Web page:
Almost three out of fourIn multi-level marketing, you do not make money or you lose money. Of course, most people would never knowingly accept work with such a high risk of not being paid. But when this job promises to let you work at home, it may suddenly seem worthwhile to try.
Thanks to the Internet, scams related to home work have increased in recent years. And they look very different from what they were. Most pyramid and Ponzi schemes are practically finished: now you are more likely to be recruited for multi-level marketing or fake virtual assistants.
How can you distinguish a scam from a real opportunity to work from home? And what about those gray areas that are not quite scams, but are not very profitable either? We have the answers – read this before you commit to something you might regret.
Pyramid and multi-level marketing systems: what's the difference?
Most people have heard of pyramid schemes. These now illegal scams promise to pay members who simply recruit more people, instead of selling products or services. As more people join, recruitment becomes impossible and new members can no longer benefit.
Since they are largely suspicious and illegal, you do not experience a lot of pyramid schemes these days. But in some ways, the Multilevel Marketing Model (MLM) has taken their place.
MLMs are one of the most common misleading "jobs" available to date. But as anyone trying to recruit you for a MLM will tell you, "This is not a pyramid scheme!" And they are right: this is not the case.
MLMs depend on selling products or services, while trying to recruit new members to work below you. The model marries the idea of the pyramid with the products for sale. You can also see MLM called network marketing opportunities.
And to be clear: it is possible to earn money through an MLM. It's just that only a small fraction people who join a group earn money, while the vast majority do nothing or lose money. So even though an MLM may not be a scam in the same way as a pyramid scheme, we recommend avoiding these high risk "opportunities".
Why do so many people lose money with MLM? It has to do with how these companies are structured. People who buy must buy their own inventory to sell, and are often pressured to buy larger stocks than necessary. Then they earn money with commissions on their sales. They can also benefit from recruiting new people and getting a commission from each of these members of their lineage.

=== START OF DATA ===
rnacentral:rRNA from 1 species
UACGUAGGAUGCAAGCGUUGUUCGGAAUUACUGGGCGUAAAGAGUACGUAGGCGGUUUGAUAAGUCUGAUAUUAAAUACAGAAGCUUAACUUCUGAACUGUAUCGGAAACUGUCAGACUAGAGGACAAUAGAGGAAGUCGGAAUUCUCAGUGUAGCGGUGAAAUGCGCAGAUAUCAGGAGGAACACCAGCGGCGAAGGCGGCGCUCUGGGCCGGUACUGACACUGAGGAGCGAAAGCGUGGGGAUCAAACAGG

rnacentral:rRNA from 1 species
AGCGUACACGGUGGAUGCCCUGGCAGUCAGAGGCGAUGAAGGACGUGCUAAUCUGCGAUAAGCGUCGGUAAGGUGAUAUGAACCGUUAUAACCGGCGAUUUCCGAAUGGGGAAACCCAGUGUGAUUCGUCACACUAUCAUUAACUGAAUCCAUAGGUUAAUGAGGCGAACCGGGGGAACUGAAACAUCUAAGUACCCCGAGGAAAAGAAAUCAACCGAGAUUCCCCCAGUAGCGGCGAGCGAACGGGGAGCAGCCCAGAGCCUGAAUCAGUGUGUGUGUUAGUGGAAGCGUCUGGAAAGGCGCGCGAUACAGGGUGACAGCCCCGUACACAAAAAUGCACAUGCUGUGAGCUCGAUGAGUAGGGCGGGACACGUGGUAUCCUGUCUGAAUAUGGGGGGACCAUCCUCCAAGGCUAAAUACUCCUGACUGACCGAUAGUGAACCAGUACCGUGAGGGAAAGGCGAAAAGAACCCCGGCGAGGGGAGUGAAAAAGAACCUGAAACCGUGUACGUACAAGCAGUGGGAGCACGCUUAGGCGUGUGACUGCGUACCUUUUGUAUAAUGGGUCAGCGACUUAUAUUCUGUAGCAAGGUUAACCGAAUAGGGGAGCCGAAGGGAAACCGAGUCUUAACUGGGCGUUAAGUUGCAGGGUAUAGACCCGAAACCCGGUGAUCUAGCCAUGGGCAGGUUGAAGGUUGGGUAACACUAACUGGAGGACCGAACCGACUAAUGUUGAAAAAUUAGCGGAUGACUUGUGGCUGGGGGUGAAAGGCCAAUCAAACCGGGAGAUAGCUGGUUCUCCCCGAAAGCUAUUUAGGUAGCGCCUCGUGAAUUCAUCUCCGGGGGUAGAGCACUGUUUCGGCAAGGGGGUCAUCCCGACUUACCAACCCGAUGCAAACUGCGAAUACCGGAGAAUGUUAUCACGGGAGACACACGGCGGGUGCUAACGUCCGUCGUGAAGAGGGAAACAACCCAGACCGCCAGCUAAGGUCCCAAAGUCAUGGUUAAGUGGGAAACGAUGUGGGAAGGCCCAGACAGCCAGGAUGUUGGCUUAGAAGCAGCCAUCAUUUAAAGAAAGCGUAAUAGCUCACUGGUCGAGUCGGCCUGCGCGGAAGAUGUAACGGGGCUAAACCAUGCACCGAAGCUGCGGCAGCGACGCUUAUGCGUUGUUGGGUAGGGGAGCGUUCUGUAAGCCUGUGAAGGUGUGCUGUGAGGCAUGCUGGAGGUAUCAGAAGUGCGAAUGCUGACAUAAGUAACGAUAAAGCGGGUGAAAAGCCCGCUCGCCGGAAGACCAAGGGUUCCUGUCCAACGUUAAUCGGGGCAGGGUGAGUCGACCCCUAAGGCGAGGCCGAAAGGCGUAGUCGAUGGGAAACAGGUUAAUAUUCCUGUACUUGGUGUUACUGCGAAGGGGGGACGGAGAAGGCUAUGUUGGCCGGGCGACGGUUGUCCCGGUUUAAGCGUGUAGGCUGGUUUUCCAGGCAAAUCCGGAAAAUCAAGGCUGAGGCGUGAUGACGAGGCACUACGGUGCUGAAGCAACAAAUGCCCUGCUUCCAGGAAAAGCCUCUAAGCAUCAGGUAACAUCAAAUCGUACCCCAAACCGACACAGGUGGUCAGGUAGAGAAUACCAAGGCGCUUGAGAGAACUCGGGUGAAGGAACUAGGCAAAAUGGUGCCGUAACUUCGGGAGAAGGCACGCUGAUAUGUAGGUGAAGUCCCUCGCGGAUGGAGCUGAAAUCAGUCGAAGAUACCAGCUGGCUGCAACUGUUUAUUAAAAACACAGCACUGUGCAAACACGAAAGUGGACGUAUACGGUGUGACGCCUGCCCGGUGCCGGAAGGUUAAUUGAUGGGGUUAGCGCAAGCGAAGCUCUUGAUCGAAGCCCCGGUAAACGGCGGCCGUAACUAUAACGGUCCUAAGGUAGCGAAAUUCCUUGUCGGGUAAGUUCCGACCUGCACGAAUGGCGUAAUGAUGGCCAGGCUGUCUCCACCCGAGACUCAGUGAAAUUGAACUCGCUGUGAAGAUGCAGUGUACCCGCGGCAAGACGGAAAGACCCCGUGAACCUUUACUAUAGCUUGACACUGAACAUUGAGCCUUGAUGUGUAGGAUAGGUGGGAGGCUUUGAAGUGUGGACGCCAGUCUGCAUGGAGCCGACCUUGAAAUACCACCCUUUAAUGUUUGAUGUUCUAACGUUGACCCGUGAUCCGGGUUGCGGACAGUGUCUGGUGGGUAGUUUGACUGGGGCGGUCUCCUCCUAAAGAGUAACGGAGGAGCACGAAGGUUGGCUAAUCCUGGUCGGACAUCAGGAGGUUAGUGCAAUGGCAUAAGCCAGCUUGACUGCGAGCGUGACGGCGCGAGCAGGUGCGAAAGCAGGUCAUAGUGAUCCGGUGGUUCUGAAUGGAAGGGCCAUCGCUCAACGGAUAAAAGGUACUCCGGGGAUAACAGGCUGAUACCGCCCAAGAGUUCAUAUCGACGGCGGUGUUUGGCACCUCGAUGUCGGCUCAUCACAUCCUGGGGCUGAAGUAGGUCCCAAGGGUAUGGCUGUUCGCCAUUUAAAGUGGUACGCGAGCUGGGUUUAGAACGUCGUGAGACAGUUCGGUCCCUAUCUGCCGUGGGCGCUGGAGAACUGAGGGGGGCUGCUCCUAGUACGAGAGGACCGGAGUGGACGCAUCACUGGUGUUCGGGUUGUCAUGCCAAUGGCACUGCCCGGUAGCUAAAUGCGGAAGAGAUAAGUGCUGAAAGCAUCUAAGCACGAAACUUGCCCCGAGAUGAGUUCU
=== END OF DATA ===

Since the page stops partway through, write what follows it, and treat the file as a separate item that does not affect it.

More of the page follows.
This means that for new members, some of the profits from every sale go into the pockets of people in their "upward line". And although they are pushed to buy stocks, there are often few indications on how to sell them effectively. . Many people join MLMs, absorb funds into their inventory, and then leave when they realize they can not sell it quickly enough to make a profit.
However, as MLMs generally involve a friendly-looking community, promises of big money and lots of pressure to maintain them, people often invest hundreds or thousands of dollars before leaving. While it is possible to make a profit with an MLM, the numbers are not on your side. Better to stand aside and look for a reliable gainful job for the time you spent.
Other common scams related to homework
Although MLM is one of the most fraudulent homework options, you can meet others looking for a job. Here are some of the most common scams to watch for.
Virtual Assistants Scam
In this type of scam, someone post a great job opportunity for a virtual assistant. It sounds simple: be well paid to answer emails, phone calls in the field and other generic tasks. But then, they offer to send you a large upfront payment. They just need some financial information beforehand.
These scams are meant to access your bank account information and steal your funds before you know what's going on. Be wary of any "virtual assistant" job offer: it's actually quite rare as legitimate work. If they offer to pay you before you have done real work, run – and prevent them from contacting you again. Otherwise, they will send fake threats to your inbox to contact the authorities if you do not do so.
Scams on social networks
Many modern scams also exploit the love of social media. These scams promise you hundreds of dollars just to spend time on your favorite social platforms.
However, before you can be paid, the company usually asks you to pay to access the training or its platform. Here's a tip: Any job you want to pay for is not legitimate. A real job will pay you without asking you for money first.
Data entry scams